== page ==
- The latest report citing supply chain sources says Apple is giving up on in-house 5G modem efforts.
- Internally known as the project "Sinope," Apple has been carrying it out since 2019.
- Apple's failure means that Qualcomm will continue to supply 5G modems for iPhones.
It is no secret that Apple aims to gain tighter control over its devices by including custom-made components. However, it seems that the tech pinnacle has hit a snag towards its aim. It has been reported that Apple is finally abandoning the plans of developing custom 5G modems after failing at it for some time now.
A report by “yeux1122” in Naver’s blog, citing supply chain sources, says that Apple is planning to discontinue the development efforts and investment it has put so far into developing an in-house 5G modem, which was expected to feature in the upcoming iPhone SE 4. This ends the possibility that we will ever see an Apple-made 5G modem in iPhones.
Just last week, Bloomberg’s Mark Gurman mentioned that Apple is set to miss its 2025 deadline to replace Qualcomm chips with its in-house 5G modems as the project has been delayed again.
Apple’s incessant efforts for custom 5G modem
Apple has been working on cracking the 5G modem code since 2019. It even bought Intel’s modem business for a whopping $1 billion in 2019 to avoid working from scratch. Codenamed “Sinope” internally, the project was expected to bore fruits by 2023 and Apple was expected to launch the iPhone SE 4 in 2024 with the custom 5G modem.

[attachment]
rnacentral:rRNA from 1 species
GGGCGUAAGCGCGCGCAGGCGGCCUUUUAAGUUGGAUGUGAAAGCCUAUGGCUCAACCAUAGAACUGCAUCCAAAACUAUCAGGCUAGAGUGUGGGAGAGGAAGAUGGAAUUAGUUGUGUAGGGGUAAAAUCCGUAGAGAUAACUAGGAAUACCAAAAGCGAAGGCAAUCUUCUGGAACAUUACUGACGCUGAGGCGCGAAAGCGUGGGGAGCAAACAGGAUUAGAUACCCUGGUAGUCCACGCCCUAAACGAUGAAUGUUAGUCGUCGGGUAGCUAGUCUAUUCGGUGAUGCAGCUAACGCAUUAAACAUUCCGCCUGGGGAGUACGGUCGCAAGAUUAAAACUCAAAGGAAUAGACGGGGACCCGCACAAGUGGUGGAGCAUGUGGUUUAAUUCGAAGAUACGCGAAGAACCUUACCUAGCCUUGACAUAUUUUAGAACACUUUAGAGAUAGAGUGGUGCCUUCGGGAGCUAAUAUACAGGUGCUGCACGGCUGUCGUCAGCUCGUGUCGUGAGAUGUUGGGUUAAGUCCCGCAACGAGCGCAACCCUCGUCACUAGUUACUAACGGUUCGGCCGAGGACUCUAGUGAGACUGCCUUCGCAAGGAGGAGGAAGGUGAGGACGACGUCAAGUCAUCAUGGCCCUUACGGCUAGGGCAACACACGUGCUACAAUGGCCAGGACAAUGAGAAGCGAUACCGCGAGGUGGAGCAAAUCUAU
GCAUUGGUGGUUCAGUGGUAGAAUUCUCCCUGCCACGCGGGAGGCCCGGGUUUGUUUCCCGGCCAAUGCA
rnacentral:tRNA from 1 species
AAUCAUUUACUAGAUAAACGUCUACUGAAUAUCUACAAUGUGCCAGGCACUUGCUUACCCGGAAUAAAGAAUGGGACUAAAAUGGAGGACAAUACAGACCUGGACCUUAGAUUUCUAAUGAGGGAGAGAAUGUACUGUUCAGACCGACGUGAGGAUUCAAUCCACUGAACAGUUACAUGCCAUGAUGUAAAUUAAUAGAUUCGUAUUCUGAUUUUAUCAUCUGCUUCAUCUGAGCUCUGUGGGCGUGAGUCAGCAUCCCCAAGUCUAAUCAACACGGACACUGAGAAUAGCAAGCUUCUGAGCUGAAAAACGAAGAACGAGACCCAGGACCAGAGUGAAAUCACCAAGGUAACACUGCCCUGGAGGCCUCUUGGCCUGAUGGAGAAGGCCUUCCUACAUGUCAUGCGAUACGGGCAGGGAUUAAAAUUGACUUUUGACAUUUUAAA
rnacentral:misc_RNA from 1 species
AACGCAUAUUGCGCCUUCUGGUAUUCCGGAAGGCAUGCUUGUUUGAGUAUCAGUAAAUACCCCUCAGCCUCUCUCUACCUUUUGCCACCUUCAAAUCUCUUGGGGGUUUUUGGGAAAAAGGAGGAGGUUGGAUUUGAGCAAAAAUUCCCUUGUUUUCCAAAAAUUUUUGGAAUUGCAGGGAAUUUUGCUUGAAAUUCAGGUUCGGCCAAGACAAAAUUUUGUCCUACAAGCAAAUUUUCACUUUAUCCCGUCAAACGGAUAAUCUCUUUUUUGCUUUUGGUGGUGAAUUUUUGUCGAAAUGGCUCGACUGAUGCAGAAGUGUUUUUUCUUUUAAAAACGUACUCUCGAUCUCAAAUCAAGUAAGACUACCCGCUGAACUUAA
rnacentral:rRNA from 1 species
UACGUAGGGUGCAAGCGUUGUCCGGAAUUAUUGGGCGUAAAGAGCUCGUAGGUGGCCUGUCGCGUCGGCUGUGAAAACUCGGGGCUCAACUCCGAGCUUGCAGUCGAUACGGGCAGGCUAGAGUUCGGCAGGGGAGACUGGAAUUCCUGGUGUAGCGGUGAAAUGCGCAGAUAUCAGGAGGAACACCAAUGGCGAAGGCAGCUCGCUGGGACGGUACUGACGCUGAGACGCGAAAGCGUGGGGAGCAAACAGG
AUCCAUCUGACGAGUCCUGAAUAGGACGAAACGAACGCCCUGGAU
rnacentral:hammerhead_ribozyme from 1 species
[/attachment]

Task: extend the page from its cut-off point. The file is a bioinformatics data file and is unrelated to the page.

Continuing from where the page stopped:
Modem chips involve complex circuitry and coding. While one can argue that Apple has beaten Intel at its own game by developing custom M-series chips for Macs, 5G modems are a different ball game. Qualcomm has perfected the technology after decades of research and development efforts.
Even after chipping in billions of dollars, Apple has seemingly failed to develop its own modem. The major reason behind Apple’s failure to match Qualcomm’s modem technology is believed to be the code for the modem that was borrowed by Intel. Apple engineers have reportedly been unable to integrate modern functionalities into the code, leading to an early prototype that was believed to be years behind what Qualcomm currently offers in its modems.
Moreover, Apple is also known to approach the development with caution to avoid infringing patents of Qualcomm. Apple has been walking a tightrope after suing Qualcomm in 2017 for collecting unjustified royalties on modem chips.
Apple Cashing in on its ‘Chips’
The failure of Apple is Qualcomm’s treasure. While Apple and Qualcomm recently signed an extension to the agreement for offering 5G modems until 2026, the deal was penned believing that Apple would be able to succeed in developing the in-house modem. With the recent report, it seems that Qualcomm is emerging out to be the winner and we could see a long-term partnership between the two tech companies.
On Apple’s part, it would be a behemoth task to accept the failure, not to mention the billion-dollar investment it has poured in over the years to develop an in-house modem. Previously, Apple had to give up on its plans for AirPower, the wireless charging mat, after being unable to find a solution for overheating in a similar fashion.